Houston religious leaders pledge to fight death penalty
By JEANNIE KEVER
Seven of Houston's best-known religious leaders publicly pledged to fight the death penalty Tuesday night, saying it damages the society it seeks to protect.
"When an execution happens, who dies?" asked the Rev. Mike Cole, General Presbyter of the New Covenant Presbytery. "All of us."
Several other speakers called for the abolition of the death penalty in Texas, drawing applause from a packed auditorium at the Hobby Center for the Performing Arts.
The discussion was scheduled to coincide with the Houston Grand Opera's production of Dead Man Walking, which opens Saturday. It is based upon Sister Helen Prejean's book, Dead Man Walking: An Eyewitness Account of the Death Penalty in the United States.
Prejean, who served as moderator, has been a leading opponent of the death penalty since before her book was published in 1994. It became an Oscar-winning movie before it was turned into an opera, but she said getting other religious leaders to speak out has been more difficult.
"The silence has been deafening," she said in an interview before the panel discussion. "It's taken years and years to get them to be active. The idea that someone could be Christian and for the death penalty, it's the very opposite of what Jesus stood for."
Not new to the fight
But many of the leaders said they have long been involved in the fight.
Cardinal Daniel DiNardo, leader of the Archdiocese of Galveston-Houston, described touring the death chamber in Huntsville after leading an anti-abortion march through the city.
"There was an unmistakeable feeling of coldness, of everything that is opposed to the dignity of the human person, even a guilty person," he said.
Other panelists were Bishop Janice Riggle Huie of the Texas United Methodist Church Conference; Rabbi David Lyon, senior pastor of Congregation Beth Israel; Bishop Mike Rinehart of the Texas-Louisiana Gulf Coast Synod, Evangelical Lutheran Church; the Rev. Harvey Clemons Jr., pastor of Pleasant Hill Baptist Church; and the Rev. Daniel Melendez, director of Pastors in Action.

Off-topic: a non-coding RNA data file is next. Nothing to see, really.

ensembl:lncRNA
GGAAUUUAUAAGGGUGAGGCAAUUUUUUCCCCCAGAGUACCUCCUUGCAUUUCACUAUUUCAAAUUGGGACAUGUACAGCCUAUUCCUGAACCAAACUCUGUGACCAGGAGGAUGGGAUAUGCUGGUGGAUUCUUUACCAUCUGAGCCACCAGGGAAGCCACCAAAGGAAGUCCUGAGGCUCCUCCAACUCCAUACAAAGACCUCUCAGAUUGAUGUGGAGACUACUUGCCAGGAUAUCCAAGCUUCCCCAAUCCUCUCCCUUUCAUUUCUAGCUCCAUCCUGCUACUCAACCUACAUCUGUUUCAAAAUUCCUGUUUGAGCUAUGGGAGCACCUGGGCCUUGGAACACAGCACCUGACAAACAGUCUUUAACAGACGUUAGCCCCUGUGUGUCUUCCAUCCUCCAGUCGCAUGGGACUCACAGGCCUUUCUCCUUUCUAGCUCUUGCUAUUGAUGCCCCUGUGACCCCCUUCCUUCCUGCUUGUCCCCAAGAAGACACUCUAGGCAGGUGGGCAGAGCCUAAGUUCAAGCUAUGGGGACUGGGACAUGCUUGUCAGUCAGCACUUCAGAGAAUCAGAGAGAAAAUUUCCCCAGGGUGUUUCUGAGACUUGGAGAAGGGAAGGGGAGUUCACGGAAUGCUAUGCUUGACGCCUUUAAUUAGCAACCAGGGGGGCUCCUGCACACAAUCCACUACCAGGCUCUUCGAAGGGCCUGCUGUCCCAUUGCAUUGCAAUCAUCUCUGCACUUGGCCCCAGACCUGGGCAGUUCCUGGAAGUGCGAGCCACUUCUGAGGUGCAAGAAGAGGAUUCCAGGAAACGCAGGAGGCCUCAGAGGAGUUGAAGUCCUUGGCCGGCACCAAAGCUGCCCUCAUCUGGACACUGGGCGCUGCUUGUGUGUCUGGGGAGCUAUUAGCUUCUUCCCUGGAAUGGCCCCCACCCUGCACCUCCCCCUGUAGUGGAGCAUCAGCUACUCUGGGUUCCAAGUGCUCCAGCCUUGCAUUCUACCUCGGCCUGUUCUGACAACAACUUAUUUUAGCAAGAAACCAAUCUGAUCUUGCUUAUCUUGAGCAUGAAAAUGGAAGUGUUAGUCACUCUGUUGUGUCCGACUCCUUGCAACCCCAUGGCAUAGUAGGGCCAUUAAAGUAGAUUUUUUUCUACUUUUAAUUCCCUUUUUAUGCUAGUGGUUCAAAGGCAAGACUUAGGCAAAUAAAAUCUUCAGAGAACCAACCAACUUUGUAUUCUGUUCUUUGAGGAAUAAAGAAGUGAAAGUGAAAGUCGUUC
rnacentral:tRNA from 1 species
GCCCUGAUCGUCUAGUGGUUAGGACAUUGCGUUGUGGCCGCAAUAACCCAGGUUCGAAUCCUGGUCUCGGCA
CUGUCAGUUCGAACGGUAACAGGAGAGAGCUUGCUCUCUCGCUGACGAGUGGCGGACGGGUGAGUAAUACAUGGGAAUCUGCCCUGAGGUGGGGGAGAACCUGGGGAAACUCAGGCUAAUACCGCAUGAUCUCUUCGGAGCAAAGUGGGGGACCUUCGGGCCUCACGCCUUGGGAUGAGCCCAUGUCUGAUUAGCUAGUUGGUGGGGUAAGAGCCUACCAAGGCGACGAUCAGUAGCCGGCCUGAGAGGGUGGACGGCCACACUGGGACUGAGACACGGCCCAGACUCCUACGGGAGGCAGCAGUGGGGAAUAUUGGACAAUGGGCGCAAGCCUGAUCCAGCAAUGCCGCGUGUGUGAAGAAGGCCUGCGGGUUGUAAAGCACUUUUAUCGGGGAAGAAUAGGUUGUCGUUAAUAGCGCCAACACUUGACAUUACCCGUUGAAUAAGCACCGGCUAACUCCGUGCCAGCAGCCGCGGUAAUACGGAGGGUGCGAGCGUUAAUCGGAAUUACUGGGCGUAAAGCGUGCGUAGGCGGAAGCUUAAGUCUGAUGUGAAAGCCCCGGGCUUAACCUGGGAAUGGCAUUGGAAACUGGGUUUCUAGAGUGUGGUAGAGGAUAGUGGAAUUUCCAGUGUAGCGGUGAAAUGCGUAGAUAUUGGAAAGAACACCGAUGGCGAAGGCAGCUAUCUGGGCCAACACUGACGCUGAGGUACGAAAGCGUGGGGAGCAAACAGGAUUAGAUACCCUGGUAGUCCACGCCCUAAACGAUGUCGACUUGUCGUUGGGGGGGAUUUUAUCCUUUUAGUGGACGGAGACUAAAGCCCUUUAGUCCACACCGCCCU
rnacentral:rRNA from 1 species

Public attitudes are shifting, too. Eight people were sentenced to death in Texas last year, the lowest number since 1976, when the U.S. Supreme Court ended its ban on capital punishment.
Much of the drop is attributed to a 2005 law that allowed Texas to sentence people to life without parole, ensuring that they would not get out of prison. Concerns over the rising number of people exonerated after years in prison — occasionally even on death row — play a part, too.
And Prejean said many people also have come to feel that public money could be put to better use than financing the years — sometimes decades — of court appeals that accompany a death sentence.
"If we're using our resources for death, we're not going to be using them for life, for helping victims' families and solving cold cases," she said.
Graves case mentioned
Several speakers talked about the advances in scientific and investigative techniques that have led to the exoneration of people previously found guilty.
Rinehart mentioned the case of Anthony Graves, recently freed after 18 years on death row.
"That should be as offensive to us as the original crime," he said. "The state just gets it wrong too often."
Prejean said she hopes the event will be just the beginning of a renewed focus by religious leaders on the death penalty.
"It's controversial, and it's hard to pick up as a religious leader," she said. "The hope is that those who stand publicly will also give a much more serious effort to educating the people in the pews."